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Jesus. I hope they pay you well for that.

I've heard a lot of stories of ridiculous rule-by-HR culture, but that's so extreme it sounds made up.

I don't think it's made up, because I experienced the same thing in a pretty well-known European research center...

Of course, had I known about these practices in advance, I would have declined the job offer. But I didn't. I ended up quitting a few weeks later anyway.

IT would monitor all connections from all employees and send a report to upper management with summary statistics, on a monthly basis.

I was told this was the case by a fellow worker during my second day there, so I tunneled my traffic through my home server via SSH. When IT asked me why I had zero HTTP requests, I reminded them that monitoring employees traffic was illegal under our current legislation. Doing this in a university-like non-profit research center is hard to justify.

So they asked you you are surfing the web on a insecure protocol that can compromise internal data ?

Couldn't you just say "I just dont use http anymore because this X company data is very valuable to me" ?

I don't see why it's hard to justify. They are providing facilities for you to perform the work they request, not for your personal benefit.

Invert the scenario: if they told you that you had to do work-based research on your own personal Internet connection, would that be OK? Any overage charges are yours to pay, no compensation.

The part about viewing family.html seems kind of understandable. If you assume no bad actors, then it's crazy... But we're all developers here, we know that you have to assume the existence of bad actors, and assume that they are going to target you (which is why we you always validate data client data server-side). I could see how viewing family.html could turn into a real headache for HR/Legal, especially if the law says that you can't discriminate based on family information.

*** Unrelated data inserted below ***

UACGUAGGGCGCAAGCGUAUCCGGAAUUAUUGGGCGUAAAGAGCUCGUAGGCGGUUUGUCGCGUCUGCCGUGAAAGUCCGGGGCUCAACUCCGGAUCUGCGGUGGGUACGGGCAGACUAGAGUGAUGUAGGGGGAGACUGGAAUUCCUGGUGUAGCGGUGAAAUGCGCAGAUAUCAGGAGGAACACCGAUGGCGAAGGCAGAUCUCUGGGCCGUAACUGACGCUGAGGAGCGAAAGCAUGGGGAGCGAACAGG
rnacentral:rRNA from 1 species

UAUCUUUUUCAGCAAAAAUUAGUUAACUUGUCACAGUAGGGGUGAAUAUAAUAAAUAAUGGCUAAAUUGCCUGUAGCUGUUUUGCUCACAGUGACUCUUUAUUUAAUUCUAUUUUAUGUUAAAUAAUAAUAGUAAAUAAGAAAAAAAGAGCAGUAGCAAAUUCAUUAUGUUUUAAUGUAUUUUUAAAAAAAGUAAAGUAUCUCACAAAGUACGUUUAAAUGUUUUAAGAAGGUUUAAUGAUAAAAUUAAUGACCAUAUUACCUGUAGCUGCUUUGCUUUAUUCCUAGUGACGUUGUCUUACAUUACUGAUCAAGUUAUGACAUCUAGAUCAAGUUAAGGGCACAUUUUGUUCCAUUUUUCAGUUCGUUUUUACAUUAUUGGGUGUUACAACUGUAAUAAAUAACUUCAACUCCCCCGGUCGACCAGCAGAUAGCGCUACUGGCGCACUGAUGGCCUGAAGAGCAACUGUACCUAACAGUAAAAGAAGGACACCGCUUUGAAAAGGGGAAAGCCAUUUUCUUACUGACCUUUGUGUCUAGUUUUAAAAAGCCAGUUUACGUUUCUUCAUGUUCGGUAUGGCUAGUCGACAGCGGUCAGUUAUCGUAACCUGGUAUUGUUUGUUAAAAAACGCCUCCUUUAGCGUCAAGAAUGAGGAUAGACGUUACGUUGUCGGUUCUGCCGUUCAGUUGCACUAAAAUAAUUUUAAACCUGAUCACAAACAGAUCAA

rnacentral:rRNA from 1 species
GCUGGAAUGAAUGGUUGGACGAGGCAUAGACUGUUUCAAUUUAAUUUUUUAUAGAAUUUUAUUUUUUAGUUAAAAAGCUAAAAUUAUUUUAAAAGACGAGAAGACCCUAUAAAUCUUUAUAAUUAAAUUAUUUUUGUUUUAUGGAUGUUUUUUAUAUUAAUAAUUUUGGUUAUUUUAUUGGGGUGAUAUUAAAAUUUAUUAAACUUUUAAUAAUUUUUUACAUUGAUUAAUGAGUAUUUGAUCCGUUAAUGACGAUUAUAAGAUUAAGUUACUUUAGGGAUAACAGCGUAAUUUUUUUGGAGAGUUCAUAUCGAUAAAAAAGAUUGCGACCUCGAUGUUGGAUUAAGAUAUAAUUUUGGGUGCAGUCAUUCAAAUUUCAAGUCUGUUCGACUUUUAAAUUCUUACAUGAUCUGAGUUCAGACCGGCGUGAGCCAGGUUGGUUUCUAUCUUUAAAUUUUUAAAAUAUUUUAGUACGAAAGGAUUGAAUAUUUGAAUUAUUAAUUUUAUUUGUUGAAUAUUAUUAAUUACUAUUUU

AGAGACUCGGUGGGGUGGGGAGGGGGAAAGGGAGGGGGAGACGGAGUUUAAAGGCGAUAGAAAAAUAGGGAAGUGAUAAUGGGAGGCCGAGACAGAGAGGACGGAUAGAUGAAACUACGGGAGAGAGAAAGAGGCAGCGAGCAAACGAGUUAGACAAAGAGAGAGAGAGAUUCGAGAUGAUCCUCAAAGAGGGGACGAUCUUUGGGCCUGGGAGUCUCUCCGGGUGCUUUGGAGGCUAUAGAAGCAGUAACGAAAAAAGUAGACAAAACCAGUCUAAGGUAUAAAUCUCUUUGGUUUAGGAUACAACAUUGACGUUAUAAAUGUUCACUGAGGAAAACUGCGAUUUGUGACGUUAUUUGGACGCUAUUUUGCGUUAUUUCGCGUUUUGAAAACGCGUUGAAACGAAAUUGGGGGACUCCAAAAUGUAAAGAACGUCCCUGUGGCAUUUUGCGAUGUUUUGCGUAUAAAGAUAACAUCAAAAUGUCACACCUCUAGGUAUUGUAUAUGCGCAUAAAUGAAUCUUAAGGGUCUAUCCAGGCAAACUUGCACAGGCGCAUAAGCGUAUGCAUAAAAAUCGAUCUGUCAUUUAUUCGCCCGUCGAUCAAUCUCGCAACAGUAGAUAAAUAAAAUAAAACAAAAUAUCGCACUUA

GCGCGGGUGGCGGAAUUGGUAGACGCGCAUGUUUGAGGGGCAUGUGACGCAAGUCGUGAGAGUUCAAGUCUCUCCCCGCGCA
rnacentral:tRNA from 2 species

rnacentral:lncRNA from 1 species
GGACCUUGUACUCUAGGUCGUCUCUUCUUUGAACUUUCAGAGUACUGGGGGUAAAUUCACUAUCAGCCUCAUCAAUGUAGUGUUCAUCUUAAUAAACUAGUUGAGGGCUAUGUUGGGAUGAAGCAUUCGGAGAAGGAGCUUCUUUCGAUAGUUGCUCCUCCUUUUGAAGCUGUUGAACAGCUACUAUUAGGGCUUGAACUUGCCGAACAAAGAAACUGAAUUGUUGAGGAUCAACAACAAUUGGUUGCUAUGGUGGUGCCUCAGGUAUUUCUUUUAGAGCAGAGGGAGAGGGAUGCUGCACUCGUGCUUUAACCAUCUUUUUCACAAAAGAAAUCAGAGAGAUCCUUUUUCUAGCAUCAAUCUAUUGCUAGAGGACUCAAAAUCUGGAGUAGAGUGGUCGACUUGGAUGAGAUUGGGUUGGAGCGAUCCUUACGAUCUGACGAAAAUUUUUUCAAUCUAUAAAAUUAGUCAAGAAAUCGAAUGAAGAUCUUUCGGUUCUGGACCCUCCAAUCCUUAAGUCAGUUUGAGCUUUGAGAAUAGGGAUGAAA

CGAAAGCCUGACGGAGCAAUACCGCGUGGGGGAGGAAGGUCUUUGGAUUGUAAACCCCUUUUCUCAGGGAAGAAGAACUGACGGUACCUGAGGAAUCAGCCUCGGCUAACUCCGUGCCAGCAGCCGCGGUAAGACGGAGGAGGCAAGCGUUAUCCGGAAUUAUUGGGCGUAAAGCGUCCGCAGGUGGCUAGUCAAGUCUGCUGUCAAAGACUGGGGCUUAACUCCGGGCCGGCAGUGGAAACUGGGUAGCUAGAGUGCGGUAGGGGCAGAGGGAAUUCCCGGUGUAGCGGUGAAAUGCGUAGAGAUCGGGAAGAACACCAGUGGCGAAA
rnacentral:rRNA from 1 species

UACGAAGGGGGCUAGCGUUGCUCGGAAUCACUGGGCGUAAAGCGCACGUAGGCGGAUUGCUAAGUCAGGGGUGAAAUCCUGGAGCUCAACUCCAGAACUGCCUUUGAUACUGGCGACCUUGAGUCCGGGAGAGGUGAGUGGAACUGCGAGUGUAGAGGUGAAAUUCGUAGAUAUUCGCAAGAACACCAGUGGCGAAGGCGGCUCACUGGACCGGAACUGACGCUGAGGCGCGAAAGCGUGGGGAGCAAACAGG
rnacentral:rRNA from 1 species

The other part about log analysis seems crazy, though, I agree with you on that.

We're talking about evidence in a discrimination court case that points to an IP address associated with a company that visited /family.htm around the time someone applied for a job they didn't get. Like, that person went through their blog's access.log when they got home, defeatedly looking up IP addresses, and going "aha, jackpot!"? And everyone in the company hovers links to be sure they don't go to /as-a-black-man.htm during the hiring process? And the fear seriously is that prefetching might be what spurs this chain of events?

That sounds batshit insane.

Yes, I can't see how anyone could think this is sane in any sense. Brb putting my kids in my GitHub profile picture.

Just go right for the kill and put your marital status, ethnicity, and sexual preferences right below your name on your resume. That way they're trapped the instant they open it!

A while back I saw a chrome extension that hid profile pictures on GitHub specifically for this reason.

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